When most people think of "poker" they think of No Limit Texas Hold'em. This version of the game is undoubtedly the most popular at the moment. No Limit Texas Hold'em is pretty much the only version of poker that is televised, and most of the large prestigious tournaments play this version.
There are, of course, actually many versions of poker. There are different games: Omaha, Stud, three card, five card, whatever that game you used to play with you Nan was, you know, the one whose rules changed seemingly at random? These have different rules. Then, within each fo these games, there are also different variations of each. The most significant way which they vary is by betting type. It is these variations that we are looking at today.
1. Fixed Limit
In fixed limit games, bet sizes are strictly regulated. Let's take the example of a 5 - 10 Fixed Limit Texas Holdem game. Pre-flop and on the flop you are allowed either call or raise, but you can only raise the amount of the big blind. So pre-flop you can either call for 10, or whatever is in the pot, or raise to 20. No other options are available to you. Players after you can then call or raise another 10. So play continues, but only in increments of 10. Potentially this could go on indefinitely, so there is usually a limit on the number of raises that can be made during one round.
On the turn and the river betting rounds the fixed bet size is doubled. So the standard bet becomes 20. You can bet 20, or raise 20, or call whatever is in the pot.
The setup of this type of game makes it almost impossible to push people off pots (as you cannot bet big enough to scare other players off!) and so the primary strategy here is to value bet. Bet your cards according to their strength and your percentage chance of being ahead. Fixed limit poker is therefore highly mathematical, and one for the grinders out there who like to take home a small edge over a larger number of hands.
It can also be suitable for beginners because pot sizes are more contained, and you will find yourself under less pressure. So it's a good way to win the game.
2. Pot Limit
Things get a bit more exciting once we move to Pot Limit Poker. As the name suggests the bet limits are dictated by the current size of the pot. The easiest way to show this is just to lay out how the maximum bet is calculated at any given stage in the hand.
Maximum bet size = total amount in the pot after your call + the amount you need to call any previous bet or raise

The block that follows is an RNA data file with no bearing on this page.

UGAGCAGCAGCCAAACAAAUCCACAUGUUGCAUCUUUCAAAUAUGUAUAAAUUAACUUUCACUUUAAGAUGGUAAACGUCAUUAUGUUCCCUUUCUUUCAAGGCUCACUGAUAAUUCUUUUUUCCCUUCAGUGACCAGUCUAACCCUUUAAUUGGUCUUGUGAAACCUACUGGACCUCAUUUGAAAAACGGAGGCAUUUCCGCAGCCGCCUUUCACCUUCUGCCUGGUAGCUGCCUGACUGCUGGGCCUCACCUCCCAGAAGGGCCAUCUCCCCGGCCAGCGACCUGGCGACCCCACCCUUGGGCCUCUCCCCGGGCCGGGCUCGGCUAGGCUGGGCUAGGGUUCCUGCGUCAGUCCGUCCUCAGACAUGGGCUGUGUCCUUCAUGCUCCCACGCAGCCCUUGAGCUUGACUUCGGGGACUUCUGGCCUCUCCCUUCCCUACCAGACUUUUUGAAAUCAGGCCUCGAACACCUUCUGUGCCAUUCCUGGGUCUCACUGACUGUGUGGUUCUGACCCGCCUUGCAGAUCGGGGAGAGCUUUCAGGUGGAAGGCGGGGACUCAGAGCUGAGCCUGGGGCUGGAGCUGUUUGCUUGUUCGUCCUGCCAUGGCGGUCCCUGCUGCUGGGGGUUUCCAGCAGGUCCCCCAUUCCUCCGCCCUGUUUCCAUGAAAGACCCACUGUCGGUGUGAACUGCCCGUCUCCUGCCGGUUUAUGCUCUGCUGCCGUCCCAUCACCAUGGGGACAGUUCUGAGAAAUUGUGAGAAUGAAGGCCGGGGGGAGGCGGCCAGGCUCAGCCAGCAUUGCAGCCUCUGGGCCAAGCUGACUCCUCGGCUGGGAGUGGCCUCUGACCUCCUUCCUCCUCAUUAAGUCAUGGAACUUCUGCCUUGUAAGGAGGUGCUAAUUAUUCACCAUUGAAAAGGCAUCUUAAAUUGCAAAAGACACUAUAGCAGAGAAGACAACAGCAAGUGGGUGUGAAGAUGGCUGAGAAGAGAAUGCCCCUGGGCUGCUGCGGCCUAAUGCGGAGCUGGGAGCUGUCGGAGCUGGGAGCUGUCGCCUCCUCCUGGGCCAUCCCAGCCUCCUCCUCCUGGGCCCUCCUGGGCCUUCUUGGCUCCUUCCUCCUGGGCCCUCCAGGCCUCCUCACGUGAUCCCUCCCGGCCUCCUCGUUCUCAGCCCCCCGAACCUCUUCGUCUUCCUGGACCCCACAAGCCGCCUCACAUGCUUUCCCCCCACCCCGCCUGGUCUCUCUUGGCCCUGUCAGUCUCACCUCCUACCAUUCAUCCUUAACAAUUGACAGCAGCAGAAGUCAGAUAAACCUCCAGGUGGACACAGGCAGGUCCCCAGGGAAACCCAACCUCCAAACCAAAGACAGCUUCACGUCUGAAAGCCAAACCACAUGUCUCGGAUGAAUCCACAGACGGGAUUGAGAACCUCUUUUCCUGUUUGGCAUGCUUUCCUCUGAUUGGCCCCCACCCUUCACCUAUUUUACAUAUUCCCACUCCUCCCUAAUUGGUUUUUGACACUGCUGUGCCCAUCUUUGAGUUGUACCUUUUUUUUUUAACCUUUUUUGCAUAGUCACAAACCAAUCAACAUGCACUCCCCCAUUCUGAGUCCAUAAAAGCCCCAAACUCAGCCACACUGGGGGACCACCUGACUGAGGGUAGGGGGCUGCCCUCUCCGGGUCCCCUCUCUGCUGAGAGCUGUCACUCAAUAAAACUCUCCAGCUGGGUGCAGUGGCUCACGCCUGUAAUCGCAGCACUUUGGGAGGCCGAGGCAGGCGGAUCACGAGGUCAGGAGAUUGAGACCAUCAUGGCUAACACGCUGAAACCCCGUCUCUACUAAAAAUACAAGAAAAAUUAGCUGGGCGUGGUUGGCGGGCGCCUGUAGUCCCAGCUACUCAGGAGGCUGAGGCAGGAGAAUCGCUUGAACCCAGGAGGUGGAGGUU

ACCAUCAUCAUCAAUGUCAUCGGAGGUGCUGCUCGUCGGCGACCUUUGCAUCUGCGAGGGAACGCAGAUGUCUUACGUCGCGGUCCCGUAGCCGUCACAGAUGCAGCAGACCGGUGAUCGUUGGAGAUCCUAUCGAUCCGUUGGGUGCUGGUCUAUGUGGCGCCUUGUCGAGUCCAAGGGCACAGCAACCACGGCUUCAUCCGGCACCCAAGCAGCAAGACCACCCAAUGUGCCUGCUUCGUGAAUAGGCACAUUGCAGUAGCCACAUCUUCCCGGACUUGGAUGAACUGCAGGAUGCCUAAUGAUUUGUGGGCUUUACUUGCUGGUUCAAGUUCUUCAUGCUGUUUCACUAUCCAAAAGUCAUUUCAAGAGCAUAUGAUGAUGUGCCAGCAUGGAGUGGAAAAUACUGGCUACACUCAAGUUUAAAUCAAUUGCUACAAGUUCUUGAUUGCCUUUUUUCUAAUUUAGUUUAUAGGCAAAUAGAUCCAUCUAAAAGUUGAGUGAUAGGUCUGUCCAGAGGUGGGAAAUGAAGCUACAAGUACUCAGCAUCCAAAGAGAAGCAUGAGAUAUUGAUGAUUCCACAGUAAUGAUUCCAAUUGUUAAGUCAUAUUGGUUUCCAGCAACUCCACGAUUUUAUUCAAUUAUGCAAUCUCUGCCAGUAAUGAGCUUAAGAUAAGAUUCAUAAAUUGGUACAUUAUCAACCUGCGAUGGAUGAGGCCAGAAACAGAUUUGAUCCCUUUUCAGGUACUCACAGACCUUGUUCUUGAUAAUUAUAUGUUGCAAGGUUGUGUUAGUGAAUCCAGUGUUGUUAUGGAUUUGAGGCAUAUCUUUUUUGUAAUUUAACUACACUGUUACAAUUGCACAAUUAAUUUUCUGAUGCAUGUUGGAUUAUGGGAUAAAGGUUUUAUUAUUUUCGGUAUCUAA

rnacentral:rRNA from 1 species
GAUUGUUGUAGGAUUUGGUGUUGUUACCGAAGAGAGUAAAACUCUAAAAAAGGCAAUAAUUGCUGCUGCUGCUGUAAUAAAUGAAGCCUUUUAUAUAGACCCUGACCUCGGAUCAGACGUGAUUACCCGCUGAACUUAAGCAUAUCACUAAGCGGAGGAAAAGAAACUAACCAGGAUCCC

Say there is 10 in the pot, and someone raises to 20 (a raise of 10 - giving 30 in the pot). Then the amount that you can bet is the call amount (20) plus the amount in the pot (30). The maximum bet here is 50. It is a bit confusing, admittedly and you do need to be decent at maths to play this version of the game. If you ever want to play Omaha, though, you will need to get your head around it.
The best way to think about it is to say
1. How much do I need to call just to stay in the hand?
2. If I did that, how much would the total pot be?
The maximum bet size is the answer to question 1 + the answer to question 2. Calculating this stuff can be a tough ask when sat at the poker table but often the dealer will help you out here. There are also usually rounding regulations in place to make things easier to follow.
This type of betting style means that pots pre-flop are generally smaller, meaning you can get to see more flops for less risk. Pot Limit betting restrictions makes, actually, for a very exciting and challenging post flop game with large fields. And post flop the pot sizes can seriously escalate fast! So You end up with a lot of big pots being played - which is great!
3. No Limit
This is the one that get's all the glory - the Cadillac of poker games! You already know what this is so we won't repeat the obvious here. The reason it is so popular is that it is more simple than the other two we have discussed. Anyone can bet whatever they want (above the minimum). It results in a combination of being easier to play (in terms of betting) and also allowing for seriously wild plays to be occasionally profitable - which means that absolute beginners can play it and sometimes win! This is perfect for novices - because it is fun, and ideal for sharks because where there are novices, there are also profits!
We recommend trying out Omaha Pot Limit in your home games. It's a massively underrated game with lots of depth to it!